related_name for site provided

#6 Declined
  1. oblalex

Added related_name property for Setting and LongSetting to fix next issue:

CommandError: One or more models did not validate:
livesettings.setting: Accessor for field 'site' clashes with related field 'Site.setting_set'. Add a related_name argument to the definition for 'site'.

Comments (5)

  1. Hynek Cernoch

    I did not understand your problem first. I will try to guess it and explain it:

    You created a project with another application that also use a model Setting with a ForeignKey to Site and also has not defined a related_name for a ForeignKey field. Is not it? (That can cause the same error.)

    I will fix it only by this replace:

        -    site = models.ForeignKey(Site, verbose_name=_('Site'))
        +    site = models.ForeignKey(Site, verbose_name=_('Site'), related_name="livesettings_set")
    • Lovercase are better than camelCase for field names.
    • It is not probable that the name "longsetting" causes a conflict for anybody.
    • In my fork is prepared a new version of livesettings with an applied patch from #24. That compoetely removes the table livesettings_longsetting. (with a migration for South for doin it automatically etc.) Livesettings will have only one table and a model name is not important more.
  2. oblalex author
    1. Seems you are right about the reason of the problem. Test application works fine. I suppose, the problem was caused by Grappelli, because my project has no own models yet and [other used apps].( seem to be OK. So, it's better to use project-specific prefixes for table names.
    2. Yes, this better to use uppercase chars only. My defect for using camel case.
    3. There are so many forks over the network. Seems like lots of people are fixing same bugs separately :)
    4. I can see you have left only 1 model which uses only TextField. Personally I think that storing everything in TextField is not good approach. This is an overkill for boolean and numeric data.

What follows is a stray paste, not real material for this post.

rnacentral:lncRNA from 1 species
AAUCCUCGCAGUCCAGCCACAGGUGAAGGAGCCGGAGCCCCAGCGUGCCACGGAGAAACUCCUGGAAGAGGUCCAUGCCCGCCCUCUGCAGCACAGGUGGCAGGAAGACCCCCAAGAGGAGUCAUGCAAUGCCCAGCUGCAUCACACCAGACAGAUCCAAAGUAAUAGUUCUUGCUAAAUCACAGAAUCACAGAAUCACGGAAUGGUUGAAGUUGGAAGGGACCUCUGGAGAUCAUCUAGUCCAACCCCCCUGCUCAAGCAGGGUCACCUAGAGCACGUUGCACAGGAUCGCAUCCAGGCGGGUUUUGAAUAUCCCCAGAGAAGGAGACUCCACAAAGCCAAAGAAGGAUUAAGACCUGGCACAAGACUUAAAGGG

3. Hynek Cernoch

    Ad 4) I can think about long settings again. The necessary condition for retaining longsetting is that the apropriate db table must be known by declared value type before any access to db. Otherwise the current implementation is less effective than future saving everything into TextField. Expect that the application is general enough for everybody and an average user needs less than half of declared settings. Other settings remain on default values. For them is nothing saved to the database. The current implementation is first to query livesettings_setting, then to query livesettings_longsetting and if it is also not found then the default value is used.

    Postgres 9 declares that there is no performance difference between fixed char, var char and text field.

  4. oblalex author

    Yes, for Postgres CharField and TextField are the same and using only TextField looks pretty good. But it can be another DB system. Even if every setting will be changed by user, caching still will be helping to decrease payload. So, p4 from my side was not about performance, just a logical issue :)

  5. Hynek Cernoch

    Removing longsetting allowed to fix many subtle issues that earlier was not possible. E.g. exception handling. It is possible that at loading different, the tables livesetting_* are present, but the command "test" is running and later will be the connection to the normal database closed and replaced to a connection to an new created empty database. Or the initial "syncdb" is running on postgres db with enabled transactions. All access to livesettings must be skipped otherwise all following commands will fail or some structure updates will be hurt by rollback. Everything would be twice more complicated and you must buy twice bigger monitor -:)